“[THE OTHER HALF OF RESPONDENTS WERE ASKED THIS VERSION OF THE QUESTION:] Next I’d like to tell you about some new ways that health insurance could be offered to people who don’t have jobs or whose jobs don’t give them health insurance. The federal government could create a way for these people to choose to buy health insurance from the government instead of from insurance companies.
      The government insurance plan would be less expensive than other insurance plans, because the government would not need to make a profit the way businesses do and because the government is able to negotiate lower prices with doctors and hospitals than insurance companies can. Would you favor the government offering people this insurance, oppose it, or neither favor nor oppose it?”

      The wording of the first question resulted in 44% favor, 38% oppose.
      The second question resulted in 52% favor, 35% oppose.

    • proreason

      pd, thanks.

      Even the relatively innocuous wording is slanted. “harder to sue doctors and hospitals for making mistakes taking care of patients” implies that there really isn’t a problem. It’s just lawsuits about “mistakes”. But of course, many of the lawsuits aren’t about mistakes at all. They are extortion against the medical providers.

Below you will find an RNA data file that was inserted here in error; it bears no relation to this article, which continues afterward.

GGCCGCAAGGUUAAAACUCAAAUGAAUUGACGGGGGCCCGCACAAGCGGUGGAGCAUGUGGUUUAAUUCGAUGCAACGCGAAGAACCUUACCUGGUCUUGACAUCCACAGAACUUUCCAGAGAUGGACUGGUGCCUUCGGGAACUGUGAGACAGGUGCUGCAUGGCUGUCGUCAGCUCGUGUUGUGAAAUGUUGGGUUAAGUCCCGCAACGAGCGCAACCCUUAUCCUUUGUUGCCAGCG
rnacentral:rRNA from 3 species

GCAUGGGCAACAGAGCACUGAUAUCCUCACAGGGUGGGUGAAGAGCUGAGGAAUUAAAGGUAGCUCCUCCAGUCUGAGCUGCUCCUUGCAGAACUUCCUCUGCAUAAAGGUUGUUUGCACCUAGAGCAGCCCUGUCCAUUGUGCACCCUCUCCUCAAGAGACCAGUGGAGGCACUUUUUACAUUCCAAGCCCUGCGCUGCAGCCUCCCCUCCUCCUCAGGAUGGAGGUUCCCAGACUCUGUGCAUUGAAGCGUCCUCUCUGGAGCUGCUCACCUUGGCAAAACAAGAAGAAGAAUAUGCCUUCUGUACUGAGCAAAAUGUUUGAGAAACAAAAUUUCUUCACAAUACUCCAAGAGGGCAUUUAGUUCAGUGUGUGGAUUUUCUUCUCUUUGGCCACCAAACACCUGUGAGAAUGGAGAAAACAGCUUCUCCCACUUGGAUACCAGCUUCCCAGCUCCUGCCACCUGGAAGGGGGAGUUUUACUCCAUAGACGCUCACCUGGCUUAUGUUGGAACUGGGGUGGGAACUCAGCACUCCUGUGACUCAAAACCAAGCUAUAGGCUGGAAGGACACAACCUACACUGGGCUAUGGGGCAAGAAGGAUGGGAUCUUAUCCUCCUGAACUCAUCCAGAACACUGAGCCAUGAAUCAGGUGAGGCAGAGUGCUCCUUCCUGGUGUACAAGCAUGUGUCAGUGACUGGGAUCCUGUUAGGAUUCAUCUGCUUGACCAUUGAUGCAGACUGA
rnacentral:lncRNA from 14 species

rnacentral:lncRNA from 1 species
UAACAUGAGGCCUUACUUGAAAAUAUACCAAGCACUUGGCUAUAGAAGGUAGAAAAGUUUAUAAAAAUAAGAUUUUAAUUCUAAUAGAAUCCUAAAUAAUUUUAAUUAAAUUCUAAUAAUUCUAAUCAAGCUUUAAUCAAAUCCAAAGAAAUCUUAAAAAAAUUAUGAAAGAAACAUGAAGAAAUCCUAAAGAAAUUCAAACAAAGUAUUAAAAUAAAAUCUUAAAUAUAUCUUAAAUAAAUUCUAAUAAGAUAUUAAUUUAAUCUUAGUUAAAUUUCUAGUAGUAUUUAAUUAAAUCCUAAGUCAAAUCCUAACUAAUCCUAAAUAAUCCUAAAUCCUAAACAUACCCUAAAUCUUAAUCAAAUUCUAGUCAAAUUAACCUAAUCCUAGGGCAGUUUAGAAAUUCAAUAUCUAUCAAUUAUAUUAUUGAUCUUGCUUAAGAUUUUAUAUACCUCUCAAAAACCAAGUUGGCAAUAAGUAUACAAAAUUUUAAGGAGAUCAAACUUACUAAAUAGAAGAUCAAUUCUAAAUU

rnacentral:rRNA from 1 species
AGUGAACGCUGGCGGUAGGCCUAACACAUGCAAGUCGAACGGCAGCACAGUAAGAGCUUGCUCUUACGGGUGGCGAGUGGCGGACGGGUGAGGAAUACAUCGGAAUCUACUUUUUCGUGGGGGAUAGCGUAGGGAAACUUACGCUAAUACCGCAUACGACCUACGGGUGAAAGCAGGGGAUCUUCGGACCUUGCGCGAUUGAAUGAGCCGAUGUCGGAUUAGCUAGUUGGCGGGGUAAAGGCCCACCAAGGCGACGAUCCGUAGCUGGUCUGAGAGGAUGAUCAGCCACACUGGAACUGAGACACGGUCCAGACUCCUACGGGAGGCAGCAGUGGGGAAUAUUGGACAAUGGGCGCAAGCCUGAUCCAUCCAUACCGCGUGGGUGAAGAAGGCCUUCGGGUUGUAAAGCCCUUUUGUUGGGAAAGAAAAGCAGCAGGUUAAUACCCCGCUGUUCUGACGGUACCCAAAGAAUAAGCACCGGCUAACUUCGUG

And for the other examples you gave, neither question is even remotely fair. The question that elicited the negative response is still highly slanted toward a government option because: a) government insurance plans will be more expensive, not less, because bureaucracies are incompetant AND expensive. The government will simply get its money in taxes and hidden fees rather than transparent fees. b) price setting by the governent doesn’t affect costs at all. Either you get lesser service, or the costs shift to some other service. And when prices don’t reflect the service, there is trouble (which is one of the core issues right now. A government option will triple down on the root of the problem.)

    • pdsand

      Yeah, that question and poll result was their “money” result, and it’s obviously and badly biased when you look at the wording of the question. But that doesn’t matter. All we need to know is that Americans want hope and change.

    • I see this all the time with studies where I work. Word the question in the way you want it answered, and then present your results at a conference! TahDah! Instant valid opinion! Get federal money for your useless program!

  2. Chuckk

    I wish they had asked who was most hated, lawyers or politicians?

  3. pdsand

    “The poll suggests that patients see medical errors as fairly common. Twelve percent of those who’d been in the hospital in the past five years — and 10 percent of those who’d been to the doctor in that time period — said they thought there had been a mistake in their treatment. People were more forgiving of errors in the doctor’s office than in hospitals…”

    “If (people) knew about the frequency of medical errors, we believe they would have answered this question very differently,” said Linda Lipsen, a top lobbyist for the American Association for Justice, which represents lawyers.”